Members listen to Hon. Esther Nyaiyaki during group discussions. The World Bank supervisory mission held an intensive half day workshop for all implementing units in the Judicial Performance Improvement Project (JPIP) to assess the relevance, efficacy and effectiveness of the design of the project and to gauge whether the project is on course in meeting its objective. The outcome of the workshop is intended to assist in the preparations of a mid-term review and restructuring of the project in May 2015. The restructuring will be based on the projects objectives, activities, indicators, allocation of funds and implementing procedures of JPIP. Mid-term reviews are conducted in all World Bank Projects.
The mission team led by the World Bank Task Team Leader Nicholas Menzies, Co-Task Team Leader George Larbi and other consultants were in the country from 2nd – 10th March 2015, holding meetings with implementing units to accelerate implementation of the project in particular focusing on issues with procurement and preparation for a mid-term review.
Edna Kuria of Kenya Law makes her contribution during the World Bank Supervisory Mission workshop
Implementing Units follow proceedings at the WB Supervisory Mission workshop
Dr. Solomon Letangule chairs group discussion.
Doreen Mwirigi makes a contribution during group work.
New leader for World Bank’s Judicial Performance Improvement Project
Mr Nicholas Menzies, a Senior Counsel in the Governance Global Practice of the World Bank, is the new Task Team Leader of the Judicial Performance Improvement Project (JPIP). Menzies takes over the management of JPIP from Ms Nightingale Rukuba-Ngaiza, who has taken over other duties with the World Bank. Menzies is no stranger to JPIP, having been involved in the project since 2012, including undertaking several mission visits to JPIP. Prior to joining the World Bank, he worked on Indigenous Land and Natural Resource Governance in Australia; on Legal Empowerment and Access to Justice in Cambodia, and on Policy Reform in Papua New Guinea. George Larbi will continue to be the Co-Task Team Leader of JPIP, based in Nairobi.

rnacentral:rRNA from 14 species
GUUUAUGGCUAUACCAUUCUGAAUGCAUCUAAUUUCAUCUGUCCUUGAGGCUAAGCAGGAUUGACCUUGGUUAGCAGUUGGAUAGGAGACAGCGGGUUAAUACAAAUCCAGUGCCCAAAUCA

JPIP is a World Bank-funded project, initiated in 2012 to improve the performance of the Judiciary, enabling it to provide services in a more effective, efficient and accountable manner.JPIP consists of four components that are anchored within Judiciary’s transformation strategy. The components are: Court Administration and Case Management; Judicial Training and Staff Development; Court Infrastructure, and Project Management. JPIP is a Management Development Project and is currently the second largest stand-alone Judiciary project in the world financed by the World Bank.
WORLD BANK MISSION TEAM PLEASED WITH PROGRESS OF KITUI LAW COURT
The World Bank supervisory mission was impressed with the progress made towards modernization of the Kitui Law Courts. The mission team led by Nicholas Menzies, World Bank Task Team Leader and the Co- Task Team Leader George Larbi were informed that the rehabilitation works to modernize the court was completed on schedule with the technical handing over done in November 2014. Following a tour of the premises the team observed that with the improved facilities court users will be provided with better quality services and access to justice by the courts. The Principal Senior Magistrate of Kitui Law Courts, Mrs. Beatrice Kimemia was grateful for the support accorded by the World Bank towards improving and modernization the court.
The World Bank supervisory mission is in the country to assess and review progress being undertaken by the Judicial Performance Improvement Project (JPIP). The World Bank supports the Judiciary through JPIP with a loan of US$120 million for a six year period to improve court administration, case management, Judiciary training and staff development, court infrastructure and project management. JPIP is in its second year and has made significant progress towards improving the performance of the Judiciary in providing services in a more effective, efficient and accountable manner.
Hon. Kimemia, Senior Principal Magistrate, guiding Mr. Menzies from World Bank through the new courts
World Bank Team assesses newly constructed cells in Kitui Law Courts
Rehabilitated Kitui Law Courts
The New Hall which consists of a bank and a registry in Kitui Law Court
Judicial Performance Improvement Project – News and Highlights
Chief Justice Hon. Willy Mutunga unveils the plaque inaugurating the Garissa High Court. Looking on is the Garissa Resident Judge, George Dulu (r), Chief Registrar of the Judiciary Mrs. Anne Amadi, among other dignitaries.
Chief Justice Willy Mutunga inaugurates Garissa High Court
The Judiciary shall never allow for funds meant for construction of courts to be mis-appropriated. This was said by the Chief Justice Hon. Willy Mutunga during the inauguration and handing over of the Garissa High Court.